In late September 2014, the people of Hong Kong embarked on a civil disobedience movement demanding genuine democracy and universal suffrage for the 2017 Chief Executive election. Recently dubbed the “Umbrella Revolution” for its use of umbrellas to counteract pepper spray and tear gas from the police, the Occupy Central movement has captured worldwide attention. Since the Occupy Central movement started, much information has been circulating regarding the various aspects of the protest. This post is an attempt to provide and overview of the major trends relating to Internet and media freedom.
Hong Kong's Umbrella Revolution makes use of novel social media communication, powerful US tech execs discuss the future of the Internet in a post-Snowden world, Estonia to offer e-residency, and more in this week's IMWeekly.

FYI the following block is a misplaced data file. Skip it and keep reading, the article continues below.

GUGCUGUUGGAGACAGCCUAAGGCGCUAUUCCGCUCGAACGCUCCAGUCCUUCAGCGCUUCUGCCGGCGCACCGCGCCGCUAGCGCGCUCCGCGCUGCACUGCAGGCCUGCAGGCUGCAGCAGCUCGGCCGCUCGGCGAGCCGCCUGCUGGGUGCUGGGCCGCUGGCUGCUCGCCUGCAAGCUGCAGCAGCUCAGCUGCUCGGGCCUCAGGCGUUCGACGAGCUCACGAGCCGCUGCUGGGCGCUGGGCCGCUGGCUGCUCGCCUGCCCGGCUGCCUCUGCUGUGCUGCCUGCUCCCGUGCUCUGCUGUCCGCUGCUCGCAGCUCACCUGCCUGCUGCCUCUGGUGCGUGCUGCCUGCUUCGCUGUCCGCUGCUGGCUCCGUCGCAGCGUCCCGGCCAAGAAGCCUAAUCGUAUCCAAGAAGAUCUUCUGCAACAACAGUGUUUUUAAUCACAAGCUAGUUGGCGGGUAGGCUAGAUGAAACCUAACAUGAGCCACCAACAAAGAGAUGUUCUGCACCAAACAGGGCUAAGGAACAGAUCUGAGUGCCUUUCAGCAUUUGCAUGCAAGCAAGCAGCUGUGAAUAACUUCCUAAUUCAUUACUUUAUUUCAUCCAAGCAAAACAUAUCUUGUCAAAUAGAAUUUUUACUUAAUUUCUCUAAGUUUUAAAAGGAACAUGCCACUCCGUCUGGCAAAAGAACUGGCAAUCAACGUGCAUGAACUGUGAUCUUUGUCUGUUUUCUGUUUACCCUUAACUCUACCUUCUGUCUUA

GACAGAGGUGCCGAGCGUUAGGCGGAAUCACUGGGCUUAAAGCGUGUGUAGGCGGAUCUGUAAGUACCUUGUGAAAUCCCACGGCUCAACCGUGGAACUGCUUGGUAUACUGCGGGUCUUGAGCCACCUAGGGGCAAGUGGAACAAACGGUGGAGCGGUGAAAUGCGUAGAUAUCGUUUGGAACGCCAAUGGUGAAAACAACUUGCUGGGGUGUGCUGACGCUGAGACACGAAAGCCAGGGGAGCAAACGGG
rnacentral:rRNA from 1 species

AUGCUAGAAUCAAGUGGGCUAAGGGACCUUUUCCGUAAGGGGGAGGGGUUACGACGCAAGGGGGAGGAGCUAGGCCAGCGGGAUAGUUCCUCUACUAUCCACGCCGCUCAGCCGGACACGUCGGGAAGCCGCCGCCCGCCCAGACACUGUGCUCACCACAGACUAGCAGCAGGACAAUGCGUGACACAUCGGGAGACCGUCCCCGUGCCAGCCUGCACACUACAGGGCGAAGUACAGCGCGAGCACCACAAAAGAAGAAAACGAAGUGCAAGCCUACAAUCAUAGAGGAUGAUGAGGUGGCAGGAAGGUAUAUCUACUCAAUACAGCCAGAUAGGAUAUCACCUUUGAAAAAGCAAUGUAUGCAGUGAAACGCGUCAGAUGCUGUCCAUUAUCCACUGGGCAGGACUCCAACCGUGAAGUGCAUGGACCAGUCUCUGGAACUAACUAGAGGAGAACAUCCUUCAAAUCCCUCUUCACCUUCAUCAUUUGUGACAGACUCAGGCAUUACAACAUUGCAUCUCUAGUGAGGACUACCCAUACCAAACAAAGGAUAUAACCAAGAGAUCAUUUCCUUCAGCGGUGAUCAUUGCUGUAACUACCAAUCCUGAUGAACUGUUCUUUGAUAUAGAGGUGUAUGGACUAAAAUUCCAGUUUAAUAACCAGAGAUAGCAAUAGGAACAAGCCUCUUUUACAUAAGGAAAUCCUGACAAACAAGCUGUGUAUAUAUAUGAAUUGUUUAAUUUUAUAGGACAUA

In this week’s #IMWeekly: a dissident Cuban blogger “disappears” from his jail cell under fishy circumstances, a former Malaysian Prime Minister backtracks on his calls for no Internet censorship, and the owner of an independent news site in Somaliland is arrested.
Baidu, China's largest search engine, has just expanded in Brazil. Some netizens have noticed, however, that Baidu's censorship tactics in mainland China have crossed the ocean to its Brazilian counterpart.
Between Friday, June 13, and Wednesday, June 18, Hong Kong suffered two DDoS attacks aimed at pro-democracy sites. The targets—one, the site of civil society group “Occupy Central with Love and Peace”, the other newspaper Apple Daily—both seek to advocate for universal suffrage in Hong Kong.
In this week's #IMWeekly: new leaks reveal NSA collection of phone data even broader than previously thought, Iran arrests cyberactivists despite reform promises, Huawei to take its business elsewhere than US, and more!